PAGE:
It took 7 long years to get justice for some 200 Indian guest workers defrauded by a major U.S. company, but they stuck it out say their American lawyers, and victory was theirs’ when on July 14, Signal International, a Gulf Coast marine services company decided it would rather pay a total of $20 million to them than face 11 more lawsuits pending in southern courts, media reports here say.
In February this year, Signal International had to cough up $14.4 million in a jury ruling to five Indian guest workers, one of the largest settlements of its kind in U.S. history. The ruling was based on the finding that the company and its agents engaged in labor trafficking, fraud, racketeering and discrimination. The jury also found that one of the plaintiffs was a victim of false imprisonment and retaliation.
In a video posted on the SPLC website, Daniel Warner, SPLC senior supervising attorney in the case described the “dangerous” working conditions for these skilled men in the bowels of the oil rigs and pointed to the huge profits Signal made off their backs after bringing them to this country on false promises. The case was the first of the dozen lawsuits against Signal to go to trial. Now with this an additional settlement of around $6 million to resolve the 11 pending cases, the total of more than $20 million makes it one of the largest labor trafficking cases in U.S. history settled in workers’ favor.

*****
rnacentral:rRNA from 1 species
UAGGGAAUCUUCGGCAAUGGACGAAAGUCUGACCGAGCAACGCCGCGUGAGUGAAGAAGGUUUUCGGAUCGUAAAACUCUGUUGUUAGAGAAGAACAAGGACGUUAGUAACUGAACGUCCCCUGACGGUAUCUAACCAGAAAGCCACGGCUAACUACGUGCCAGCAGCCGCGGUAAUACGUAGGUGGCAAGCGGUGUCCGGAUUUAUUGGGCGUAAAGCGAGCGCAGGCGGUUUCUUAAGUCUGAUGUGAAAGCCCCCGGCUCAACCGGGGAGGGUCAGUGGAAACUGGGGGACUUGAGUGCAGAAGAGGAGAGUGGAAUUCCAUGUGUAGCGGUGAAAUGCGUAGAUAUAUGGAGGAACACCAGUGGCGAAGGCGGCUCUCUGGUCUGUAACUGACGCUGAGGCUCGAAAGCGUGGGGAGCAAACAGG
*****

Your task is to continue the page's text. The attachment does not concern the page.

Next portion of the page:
The 11 pending cases were also spearheaded by the Southern Poverty Law Center against Signal along with the leading law firm Crowell & Moring, LLP, the American Civil Liberties Union, the Asian American Legal Defense and Education Fund, Coschignano & Baker, and the Louisiana Justice Institute.
Signal, based in Mobile, Alabama, will issue an apology to guest workers who also sued in Texas and Louisiana. The agreement has yet to be approved by the U.S. Bankruptcy Court as the company has filed for Chapter 11 bankruptcy protection. “We are happy to have reached an agreement and hope to see it quickly approved by the court,” Jim Knoepp, SPLC deputy legal director is quoted saying in a release. “These workers have waited seven long years for justice.”
The settlement, he said also serves as a warning to companies that might exploit guest workers.